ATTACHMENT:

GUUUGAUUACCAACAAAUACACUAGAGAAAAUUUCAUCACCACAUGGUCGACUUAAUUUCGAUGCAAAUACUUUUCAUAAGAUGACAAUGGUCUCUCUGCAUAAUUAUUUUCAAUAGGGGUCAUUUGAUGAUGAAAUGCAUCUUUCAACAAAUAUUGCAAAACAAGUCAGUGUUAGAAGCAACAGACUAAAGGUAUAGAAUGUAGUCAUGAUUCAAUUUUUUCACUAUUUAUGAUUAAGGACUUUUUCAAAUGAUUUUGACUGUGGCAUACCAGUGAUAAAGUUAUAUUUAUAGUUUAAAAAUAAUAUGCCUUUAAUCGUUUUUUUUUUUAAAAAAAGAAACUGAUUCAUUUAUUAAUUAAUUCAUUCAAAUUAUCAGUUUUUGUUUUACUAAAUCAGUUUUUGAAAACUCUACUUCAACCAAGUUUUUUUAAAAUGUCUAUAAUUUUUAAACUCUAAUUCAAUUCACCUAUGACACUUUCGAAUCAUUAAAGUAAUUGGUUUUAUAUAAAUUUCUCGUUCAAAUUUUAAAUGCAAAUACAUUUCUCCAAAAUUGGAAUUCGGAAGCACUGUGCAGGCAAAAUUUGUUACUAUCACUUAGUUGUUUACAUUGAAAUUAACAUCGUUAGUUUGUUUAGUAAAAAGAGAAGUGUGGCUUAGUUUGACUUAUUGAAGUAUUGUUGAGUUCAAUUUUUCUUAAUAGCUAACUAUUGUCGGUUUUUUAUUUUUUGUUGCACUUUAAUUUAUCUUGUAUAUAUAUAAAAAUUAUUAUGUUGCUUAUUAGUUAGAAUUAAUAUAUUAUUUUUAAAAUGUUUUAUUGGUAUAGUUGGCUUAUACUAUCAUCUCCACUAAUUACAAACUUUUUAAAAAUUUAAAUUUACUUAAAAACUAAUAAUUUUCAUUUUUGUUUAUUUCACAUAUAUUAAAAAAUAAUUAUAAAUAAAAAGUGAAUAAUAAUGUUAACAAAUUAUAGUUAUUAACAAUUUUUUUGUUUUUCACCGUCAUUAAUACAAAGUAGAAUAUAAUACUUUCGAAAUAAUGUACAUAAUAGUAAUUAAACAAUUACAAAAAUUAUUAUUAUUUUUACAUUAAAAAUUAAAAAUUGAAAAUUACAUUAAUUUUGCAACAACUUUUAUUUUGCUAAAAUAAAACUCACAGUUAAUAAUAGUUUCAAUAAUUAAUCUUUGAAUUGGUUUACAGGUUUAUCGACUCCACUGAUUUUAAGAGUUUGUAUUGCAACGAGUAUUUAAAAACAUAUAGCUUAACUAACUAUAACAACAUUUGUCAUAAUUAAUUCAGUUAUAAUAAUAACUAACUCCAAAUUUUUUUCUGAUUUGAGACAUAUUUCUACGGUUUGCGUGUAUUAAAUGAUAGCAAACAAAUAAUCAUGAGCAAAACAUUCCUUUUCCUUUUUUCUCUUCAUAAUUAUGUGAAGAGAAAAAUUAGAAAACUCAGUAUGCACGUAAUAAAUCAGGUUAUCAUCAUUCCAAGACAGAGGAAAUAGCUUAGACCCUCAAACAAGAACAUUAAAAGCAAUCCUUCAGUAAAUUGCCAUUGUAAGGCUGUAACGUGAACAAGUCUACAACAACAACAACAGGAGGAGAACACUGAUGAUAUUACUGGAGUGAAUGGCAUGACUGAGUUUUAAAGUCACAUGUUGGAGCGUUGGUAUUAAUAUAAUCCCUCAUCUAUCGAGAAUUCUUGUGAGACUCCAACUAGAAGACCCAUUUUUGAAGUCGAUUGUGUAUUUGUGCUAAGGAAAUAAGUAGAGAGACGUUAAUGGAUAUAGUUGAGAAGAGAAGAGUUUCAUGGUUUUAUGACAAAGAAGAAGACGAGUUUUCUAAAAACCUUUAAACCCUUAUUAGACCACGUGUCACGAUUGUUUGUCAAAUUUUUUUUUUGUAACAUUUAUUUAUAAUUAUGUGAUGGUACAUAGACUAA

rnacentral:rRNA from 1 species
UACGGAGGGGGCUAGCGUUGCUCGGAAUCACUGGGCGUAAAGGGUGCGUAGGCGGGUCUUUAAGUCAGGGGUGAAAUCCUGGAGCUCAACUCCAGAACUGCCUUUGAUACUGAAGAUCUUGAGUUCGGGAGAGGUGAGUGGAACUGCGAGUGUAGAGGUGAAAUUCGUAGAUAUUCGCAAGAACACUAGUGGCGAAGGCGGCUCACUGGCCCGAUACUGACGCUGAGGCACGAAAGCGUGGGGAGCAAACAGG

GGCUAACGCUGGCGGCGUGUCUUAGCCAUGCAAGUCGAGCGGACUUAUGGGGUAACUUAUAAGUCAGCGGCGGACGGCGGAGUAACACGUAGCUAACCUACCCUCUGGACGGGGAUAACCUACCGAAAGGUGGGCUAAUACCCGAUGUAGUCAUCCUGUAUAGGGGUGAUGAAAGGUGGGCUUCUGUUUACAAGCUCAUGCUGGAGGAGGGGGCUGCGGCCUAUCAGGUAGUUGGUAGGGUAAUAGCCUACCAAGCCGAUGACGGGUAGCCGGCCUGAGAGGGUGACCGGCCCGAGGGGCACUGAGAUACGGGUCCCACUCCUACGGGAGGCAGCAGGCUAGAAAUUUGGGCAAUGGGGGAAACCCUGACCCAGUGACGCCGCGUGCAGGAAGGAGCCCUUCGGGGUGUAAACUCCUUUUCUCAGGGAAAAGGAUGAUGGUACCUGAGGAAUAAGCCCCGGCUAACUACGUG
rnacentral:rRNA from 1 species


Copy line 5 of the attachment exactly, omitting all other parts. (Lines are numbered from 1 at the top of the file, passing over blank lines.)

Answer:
rnacentral:rRNA from 1 species